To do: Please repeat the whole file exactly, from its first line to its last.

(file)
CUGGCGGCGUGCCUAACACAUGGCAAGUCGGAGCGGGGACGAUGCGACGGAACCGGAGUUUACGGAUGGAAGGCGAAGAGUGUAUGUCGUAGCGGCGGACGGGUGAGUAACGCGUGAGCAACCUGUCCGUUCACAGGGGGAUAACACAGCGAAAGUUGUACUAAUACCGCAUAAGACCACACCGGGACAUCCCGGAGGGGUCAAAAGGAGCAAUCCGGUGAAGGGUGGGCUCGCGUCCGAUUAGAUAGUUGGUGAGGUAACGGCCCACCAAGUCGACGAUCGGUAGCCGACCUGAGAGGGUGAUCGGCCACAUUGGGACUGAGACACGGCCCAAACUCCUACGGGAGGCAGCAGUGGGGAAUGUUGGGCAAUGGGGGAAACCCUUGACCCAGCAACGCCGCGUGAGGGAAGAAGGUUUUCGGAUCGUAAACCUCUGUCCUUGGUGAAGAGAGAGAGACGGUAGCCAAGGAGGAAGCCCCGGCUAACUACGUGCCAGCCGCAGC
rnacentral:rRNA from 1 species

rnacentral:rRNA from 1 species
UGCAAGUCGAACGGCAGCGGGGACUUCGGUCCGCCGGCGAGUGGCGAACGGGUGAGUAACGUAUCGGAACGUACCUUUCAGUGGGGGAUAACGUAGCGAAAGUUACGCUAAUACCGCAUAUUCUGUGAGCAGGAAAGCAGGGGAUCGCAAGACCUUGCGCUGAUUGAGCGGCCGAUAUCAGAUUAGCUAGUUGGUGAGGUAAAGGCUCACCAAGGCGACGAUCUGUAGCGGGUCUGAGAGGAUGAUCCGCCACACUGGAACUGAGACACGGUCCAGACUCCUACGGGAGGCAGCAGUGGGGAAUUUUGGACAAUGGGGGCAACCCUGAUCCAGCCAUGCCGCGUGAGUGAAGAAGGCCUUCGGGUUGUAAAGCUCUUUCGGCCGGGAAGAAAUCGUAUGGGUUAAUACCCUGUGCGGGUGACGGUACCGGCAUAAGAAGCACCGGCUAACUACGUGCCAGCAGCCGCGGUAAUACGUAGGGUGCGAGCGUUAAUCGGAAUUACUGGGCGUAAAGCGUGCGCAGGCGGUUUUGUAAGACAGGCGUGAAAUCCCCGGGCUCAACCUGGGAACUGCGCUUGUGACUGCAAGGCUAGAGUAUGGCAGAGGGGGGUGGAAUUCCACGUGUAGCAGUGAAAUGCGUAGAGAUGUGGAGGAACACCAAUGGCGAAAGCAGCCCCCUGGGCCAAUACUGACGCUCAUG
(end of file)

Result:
CUGGCGGCGUGCCUAACACAUGGCAAGUCGGAGCGGGGACGAUGCGACGGAACCGGAGUUUACGGAUGGAAGGCGAAGAGUGUAUGUCGUAGCGGCGGACGGGUGAGUAACGCGUGAGCAACCUGUCCGUUCACAGGGGGAUAACACAGCGAAAGUUGUACUAAUACCGCAUAAGACCACACCGGGACAUCCCGGAGGGGUCAAAAGGAGCAAUCCGGUGAAGGGUGGGCUCGCGUCCGAUUAGAUAGUUGGUGAGGUAACGGCCCACCAAGUCGACGAUCGGUAGCCGACCUGAGAGGGUGAUCGGCCACAUUGGGACUGAGACACGGCCCAAACUCCUACGGGAGGCAGCAGUGGGGAAUGUUGGGCAAUGGGGGAAACCCUUGACCCAGCAACGCCGCGUGAGGGAAGAAGGUUUUCGGAUCGUAAACCUCUGUCCUUGGUGAAGAGAGAGAGACGGUAGCCAAGGAGGAAGCCCCGGCUAACUACGUGCCAGCCGCAGC
rnacentral:rRNA from 1 species

rnacentral:rRNA from 1 species
UGCAAGUCGAACGGCAGCGGGGACUUCGGUCCGCCGGCGAGUGGCGAACGGGUGAGUAACGUAUCGGAACGUACCUUUCAGUGGGGGAUAACGUAGCGAAAGUUACGCUAAUACCGCAUAUUCUGUGAGCAGGAAAGCAGGGGAUCGCAAGACCUUGCGCUGAUUGAGCGGCCGAUAUCAGAUUAGCUAGUUGGUGAGGUAAAGGCUCACCAAGGCGACGAUCUGUAGCGGGUCUGAGAGGAUGAUCCGCCACACUGGAACUGAGACACGGUCCAGACUCCUACGGGAGGCAGCAGUGGGGAAUUUUGGACAAUGGGGGCAACCCUGAUCCAGCCAUGCCGCGUGAGUGAAGAAGGCCUUCGGGUUGUAAAGCUCUUUCGGCCGGGAAGAAAUCGUAUGGGUUAAUACCCUGUGCGGGUGACGGUACCGGCAUAAGAAGCACCGGCUAACUACGUGCCAGCAGCCGCGGUAAUACGUAGGGUGCGAGCGUUAAUCGGAAUUACUGGGCGUAAAGCGUGCGCAGGCGGUUUUGUAAGACAGGCGUGAAAUCCCCGGGCUCAACCUGGGAACUGCGCUUGUGACUGCAAGGCUAGAGUAUGGCAGAGGGGGGUGGAAUUCCACGUGUAGCAGUGAAAUGCGUAGAGAUGUGGAGGAACACCAAUGGCGAAAGCAGCCCCCUGGGCCAAUACUGACGCUCAUG